Together, the novel’s heroines discover that their travels have led them into a setting of a tale “darker and wilder and much older” than the Grimms’, in which a truly wicked queen sends out her huntsmen to capture children who are never seen again. The story’s second half develops in some dialogue with Gaiman’s reinterpretation of Snow White, though it proves both less explicit or graphic. Dialling back Eva’s own villainy, this section of the story allows her to express a desire to break out of her predestined character arc altogether, and even motivates her into heroic behaviour. Zinnia starts acting on her attraction to Eva only once the queen has shown this growth, and their consensual desire contrasts with a much earlier moment when Eva has threatened Zinnia with torture and Zinnia tries to protect herself with an “undeniably weak … nonconsensual” kiss (as a failed attempt to activate a Sleeping Beauty trope escape Zinnia’s world). What Eva goes on to learn from Zinnia about the idea of “agency” in feminist fairy-tale critique even equips her to strike one of the decisive blows against this new setting’s other predatory, irredeemable queen.

As in Spindle, then, Zinnia’s narrative role in Mirror is by no means that of a solo saviour. To change the worlds she visits, she relies on the skills of the heroines (and sometimes anti-heroines) she meets, and it is her ability to see past how patriarchal folklore has framed them as passive beauties or cackling villains that raises their own awareness so they can change their lives: the most politically significant act in Mirror, a revolution led by Red against the wicked-queen Snow White, even happens off-page.

Readers of Harrow’s novels, The Ten Thousand Doors of January (2019) and the historical fantasy The Once and Future Witches (2020, set during the US campaign for women’s suffrage in 1893), will already know Harrow shares Zinnia’s views on the gender politics of magical narratives. Her Hugo-winning short story “A Witch’s Guide to Escape: a Practical Compendium of Portal Fantasies” (2018) set out her stall in a feminist, socially conscious metacommentary on the genre that Ten Thousand Doors and Fractured Fables both exemplify. If the “splintered” spindle of the first story showed Harrow breaking down the fairy-tale genre to demonstrate how many variant stories swirl around the storybooks and Disney plots that readers collectively know best, this novel’s “mended” mirror points to the next step in her mission, illustrating how they can be repaired.

Zinnia’s learned critical analysis is woven lightly but integrally into her voice: one moment she may be remarking about what the name “Snow White” suggests about racialised beauty standards in Western fairy tales, and at another moment she may be satirising the Eurocentrism of the Aarne-Thompson-Uther index of folktale types. The novella’s end resolves the arc within its pages; but the novella is ambiguous as to whether it is really possible to completely reclaim what Zinnia describes at one point as ”these faux-medieval worlds and their shitty gender politics, all the pretty stories we tell about ugly worlds.” Through layers of metatext, Harrow speaks through Zinnia to the feelings her most likely readers probably have towards these tropes, and the critical and intertextual understandings that some readers already have and others may learn afresh.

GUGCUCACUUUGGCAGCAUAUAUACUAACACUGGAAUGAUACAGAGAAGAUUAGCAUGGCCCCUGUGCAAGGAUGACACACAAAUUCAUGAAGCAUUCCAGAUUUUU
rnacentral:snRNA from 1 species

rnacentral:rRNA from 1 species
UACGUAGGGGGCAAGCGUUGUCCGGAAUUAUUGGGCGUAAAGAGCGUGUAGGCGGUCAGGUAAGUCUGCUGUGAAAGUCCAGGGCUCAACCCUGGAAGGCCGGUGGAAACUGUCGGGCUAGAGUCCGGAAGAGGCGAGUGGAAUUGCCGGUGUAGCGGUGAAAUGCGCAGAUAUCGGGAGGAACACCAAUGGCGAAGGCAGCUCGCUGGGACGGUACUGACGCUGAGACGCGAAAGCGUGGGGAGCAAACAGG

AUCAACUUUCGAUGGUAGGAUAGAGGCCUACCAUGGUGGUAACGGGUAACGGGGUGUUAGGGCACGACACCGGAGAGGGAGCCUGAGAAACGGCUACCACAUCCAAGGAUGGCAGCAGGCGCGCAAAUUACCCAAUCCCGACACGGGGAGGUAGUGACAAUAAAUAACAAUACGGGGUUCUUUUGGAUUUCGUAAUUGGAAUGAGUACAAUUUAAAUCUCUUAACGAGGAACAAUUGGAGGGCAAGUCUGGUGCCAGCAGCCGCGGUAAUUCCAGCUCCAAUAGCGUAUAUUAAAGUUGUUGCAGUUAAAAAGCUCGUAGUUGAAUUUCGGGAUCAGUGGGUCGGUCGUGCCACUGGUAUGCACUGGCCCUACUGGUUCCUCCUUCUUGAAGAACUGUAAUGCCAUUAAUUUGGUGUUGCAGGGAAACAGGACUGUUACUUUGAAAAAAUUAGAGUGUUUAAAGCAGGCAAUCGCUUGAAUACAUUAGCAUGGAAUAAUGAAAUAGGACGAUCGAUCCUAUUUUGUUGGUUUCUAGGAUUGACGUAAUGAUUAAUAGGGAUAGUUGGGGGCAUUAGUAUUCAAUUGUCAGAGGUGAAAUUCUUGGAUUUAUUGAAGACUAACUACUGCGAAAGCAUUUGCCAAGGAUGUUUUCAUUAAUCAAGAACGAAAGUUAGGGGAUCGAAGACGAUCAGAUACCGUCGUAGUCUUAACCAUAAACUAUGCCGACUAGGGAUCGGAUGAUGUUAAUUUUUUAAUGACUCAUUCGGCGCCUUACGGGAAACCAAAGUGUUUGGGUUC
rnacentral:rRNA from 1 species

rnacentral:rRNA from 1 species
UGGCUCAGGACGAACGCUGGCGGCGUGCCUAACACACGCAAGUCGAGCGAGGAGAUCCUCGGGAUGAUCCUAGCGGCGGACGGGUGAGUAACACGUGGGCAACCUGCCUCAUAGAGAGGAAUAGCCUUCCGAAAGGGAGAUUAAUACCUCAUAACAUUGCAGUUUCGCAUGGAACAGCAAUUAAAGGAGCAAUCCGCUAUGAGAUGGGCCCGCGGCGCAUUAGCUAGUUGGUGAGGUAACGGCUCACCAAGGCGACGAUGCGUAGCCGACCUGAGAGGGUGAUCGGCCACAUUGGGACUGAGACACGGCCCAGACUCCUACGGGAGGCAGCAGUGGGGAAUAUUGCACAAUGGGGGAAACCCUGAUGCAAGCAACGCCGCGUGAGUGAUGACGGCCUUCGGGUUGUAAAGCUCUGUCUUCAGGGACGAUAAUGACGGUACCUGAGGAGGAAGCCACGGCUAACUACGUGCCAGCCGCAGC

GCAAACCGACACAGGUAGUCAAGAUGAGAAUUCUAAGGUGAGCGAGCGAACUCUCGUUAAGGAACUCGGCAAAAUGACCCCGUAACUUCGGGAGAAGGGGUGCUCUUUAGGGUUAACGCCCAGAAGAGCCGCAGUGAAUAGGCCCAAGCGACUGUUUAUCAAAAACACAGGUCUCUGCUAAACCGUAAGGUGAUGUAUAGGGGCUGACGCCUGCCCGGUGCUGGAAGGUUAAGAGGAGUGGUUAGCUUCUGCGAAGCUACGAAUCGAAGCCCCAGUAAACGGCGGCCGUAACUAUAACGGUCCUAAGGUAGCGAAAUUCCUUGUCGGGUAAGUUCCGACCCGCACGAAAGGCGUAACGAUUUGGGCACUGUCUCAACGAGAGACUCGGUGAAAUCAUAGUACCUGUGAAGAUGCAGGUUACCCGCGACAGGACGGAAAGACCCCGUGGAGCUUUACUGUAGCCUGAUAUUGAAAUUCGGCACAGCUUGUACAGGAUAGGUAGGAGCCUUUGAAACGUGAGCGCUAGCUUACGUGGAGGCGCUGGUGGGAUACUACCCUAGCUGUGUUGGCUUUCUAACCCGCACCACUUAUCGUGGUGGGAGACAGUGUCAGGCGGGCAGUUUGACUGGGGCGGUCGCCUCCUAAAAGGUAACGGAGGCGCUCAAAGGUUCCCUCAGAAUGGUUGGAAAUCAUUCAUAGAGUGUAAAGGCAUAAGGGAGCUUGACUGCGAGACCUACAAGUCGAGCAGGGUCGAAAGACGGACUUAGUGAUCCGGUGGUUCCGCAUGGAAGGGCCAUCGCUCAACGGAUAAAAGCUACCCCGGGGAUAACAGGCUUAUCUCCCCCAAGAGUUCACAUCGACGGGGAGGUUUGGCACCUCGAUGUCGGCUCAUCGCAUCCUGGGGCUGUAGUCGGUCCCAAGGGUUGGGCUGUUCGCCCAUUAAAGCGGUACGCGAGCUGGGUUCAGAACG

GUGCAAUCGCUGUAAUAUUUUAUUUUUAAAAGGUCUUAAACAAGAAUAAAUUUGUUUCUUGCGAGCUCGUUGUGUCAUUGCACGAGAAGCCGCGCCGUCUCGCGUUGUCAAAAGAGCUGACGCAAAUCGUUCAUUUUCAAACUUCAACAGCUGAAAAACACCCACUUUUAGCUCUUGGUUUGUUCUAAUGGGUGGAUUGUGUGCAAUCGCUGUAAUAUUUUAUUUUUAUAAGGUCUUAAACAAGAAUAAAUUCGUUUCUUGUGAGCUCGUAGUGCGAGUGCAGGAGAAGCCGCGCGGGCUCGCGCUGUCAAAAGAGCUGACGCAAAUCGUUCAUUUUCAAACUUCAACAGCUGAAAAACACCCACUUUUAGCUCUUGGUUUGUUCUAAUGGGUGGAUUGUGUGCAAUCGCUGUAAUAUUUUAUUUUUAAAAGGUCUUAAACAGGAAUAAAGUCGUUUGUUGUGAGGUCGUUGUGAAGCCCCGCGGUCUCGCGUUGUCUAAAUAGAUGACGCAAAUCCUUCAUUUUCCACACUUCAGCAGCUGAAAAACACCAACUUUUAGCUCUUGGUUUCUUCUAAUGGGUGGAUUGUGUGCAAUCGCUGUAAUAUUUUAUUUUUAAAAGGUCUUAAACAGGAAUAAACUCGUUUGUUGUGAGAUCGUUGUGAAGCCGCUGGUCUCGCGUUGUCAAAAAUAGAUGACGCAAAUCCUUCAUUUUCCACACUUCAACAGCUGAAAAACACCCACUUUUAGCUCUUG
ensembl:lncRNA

Beneath Zinnia’s sarcastic, knowledgeable voice, A Mirror Mended—just like Spindle—keeps up a serious critical engagement with the tropes of Western fairy tale, and puts its characters through exacting arcs while keeping to novella length. With more complexity in fleshing out the different worlds’ settings, or a wider range of characters with their own folkloric subplots to fulfil, each book could have been a novel on its own. As novellas, both tell Zinnia’s story—and convey just enough of the critical framework she applies to these tales which have shaped her—to suggest that there would be much for her to fix in the worlds’ other tales, too.

Endnotes

[1] Here, Harrow has had to negotiate a fine line between finding a way to allow Zinnia to have new adventures and avoiding the ableist trope of the “magical cure.” She does so with the aid of expert consultant Ace Tilton Ratcliff, whom Harrow thanks for their advice in the acknowledgements of Spindle: Zinnia is still living with her condition, it still leaves her with symptoms to manage, and it remains part of her identity; but the impairment has eased sufficiently for her to be able to contemplate a future she was never able to imagine when her story began. [return]



Catherine Baker was born in London and lives in Hull, UK. She writes, in various combinations, about books, pop culture, history, feminism, queerness, mythology, and magic. She tweets at @richmondbridge and blogs at http://littlequeerideograms.wordpress.com.